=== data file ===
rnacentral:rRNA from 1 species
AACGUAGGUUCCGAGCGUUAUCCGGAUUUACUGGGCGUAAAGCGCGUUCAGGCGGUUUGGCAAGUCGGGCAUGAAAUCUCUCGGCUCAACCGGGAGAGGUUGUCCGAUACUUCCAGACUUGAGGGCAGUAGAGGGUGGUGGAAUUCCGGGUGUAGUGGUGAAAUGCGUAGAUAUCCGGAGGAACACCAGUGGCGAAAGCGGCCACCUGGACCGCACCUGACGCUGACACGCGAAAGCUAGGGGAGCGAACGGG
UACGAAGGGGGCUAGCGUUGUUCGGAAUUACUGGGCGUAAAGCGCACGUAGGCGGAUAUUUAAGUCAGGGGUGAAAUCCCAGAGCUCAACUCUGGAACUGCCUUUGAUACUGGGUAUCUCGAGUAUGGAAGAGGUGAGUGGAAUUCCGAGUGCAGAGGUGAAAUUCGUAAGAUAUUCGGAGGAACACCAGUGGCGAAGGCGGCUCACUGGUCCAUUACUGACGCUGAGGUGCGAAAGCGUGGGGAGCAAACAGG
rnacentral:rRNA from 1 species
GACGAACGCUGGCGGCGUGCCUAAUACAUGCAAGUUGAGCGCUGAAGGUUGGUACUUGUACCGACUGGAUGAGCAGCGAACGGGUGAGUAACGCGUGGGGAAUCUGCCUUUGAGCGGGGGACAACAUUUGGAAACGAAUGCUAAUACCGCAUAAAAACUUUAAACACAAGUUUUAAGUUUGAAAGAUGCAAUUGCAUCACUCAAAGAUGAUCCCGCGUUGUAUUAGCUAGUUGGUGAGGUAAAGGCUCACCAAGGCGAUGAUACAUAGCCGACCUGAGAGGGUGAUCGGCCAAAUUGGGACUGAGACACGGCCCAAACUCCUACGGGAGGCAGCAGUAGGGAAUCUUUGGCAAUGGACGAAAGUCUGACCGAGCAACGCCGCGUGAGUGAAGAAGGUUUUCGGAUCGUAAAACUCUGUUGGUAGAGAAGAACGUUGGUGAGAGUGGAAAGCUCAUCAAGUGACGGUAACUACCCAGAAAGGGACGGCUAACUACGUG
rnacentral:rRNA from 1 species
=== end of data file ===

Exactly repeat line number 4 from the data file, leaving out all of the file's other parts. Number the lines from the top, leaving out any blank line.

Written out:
rnacentral:rRNA from 1 species